US-Iran nuclear tensions: Why does the US have sanctions on Iran, how did it start and who is Iran allied with?
THE US has threatened to impose the "strongest sanctions in history" on Iran this week if the country doesn't change its domestic and foreign policy.
But why do they have them? How did it start and who is Iran allied with?
Why does the US have sanctions on Iran?
The United States has a long history of sanctions against Iran.
They have been implemented in response to actions by the Iranian government and began in the late seventies.
Iran has been accused of supporting terrorism and extremism and pursuing nuclear weapons.
The US says the country supports governments of countries considered enemies to America like Syria.
It also argues that Iran supports groups who are enemies of its allies like Hamas.
How did the sanctions start?
In 1979 the Iranian Islamic revolution replaced the country's monarch with a system of government based on the values of Shia Islam.
Nine months later a group of students took 52 people hostage inside the American Embassy in capital city Tehran for 444 days.
This was in protest to the news that the US permitted the exiled Shah of Iran to enter the country for medical treatment.
The US responded to the hostage situation by freezing around $12 billion in Iranian assets, which include bank deposits and real estate.
In 2015 the two countries made a nuclear agreement that meant Iran would reduce its nuclear facilities in order to lift all nuclear-related sanctions.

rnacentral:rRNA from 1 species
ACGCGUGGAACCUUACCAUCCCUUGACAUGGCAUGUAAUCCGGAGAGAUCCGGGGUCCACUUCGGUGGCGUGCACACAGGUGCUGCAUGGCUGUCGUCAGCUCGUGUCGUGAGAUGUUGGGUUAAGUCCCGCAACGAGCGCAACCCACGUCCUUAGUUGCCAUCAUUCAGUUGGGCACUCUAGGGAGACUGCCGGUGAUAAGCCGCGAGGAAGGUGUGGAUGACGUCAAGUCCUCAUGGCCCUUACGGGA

This would free up tens of billions of dollars in frozen assets.
What is the relationship like between the US and Iran now?
In May 2019 Trump withdrew from the 2015 nuclear agreement which he called a "horrible, one-sided deal", saying it did not address Iran's ballistic missile activities and check in its regional behaviour.
The US has now threatened to impose the "strongest sanctions in history" against Iran.
Secretary of State Mike Pompeo laid out 12 demands for Iran and said relief from economic sanctions would only come when Washington had seen tangible shifts in Iran's policies.
He warned: "The sting of sanctions will be painful if the regime does not change its course from the unacceptable and unproductive path it has chosen to one that rejoins the league of nations."
His demands came just weeks after the US pulled out of an international nuclear deal with Iran and threatened to hold those doing prohibited business in Iran to account.
Pompeo said a stronger pact should require that Iran stop enrichment of uranium, which was allowed within strict limitations under the previous deal.
Iran would also have to walk away from core pillars of its foreign policy, including its involvement in Syria, Yemen, Lebanon and Afghanistan.
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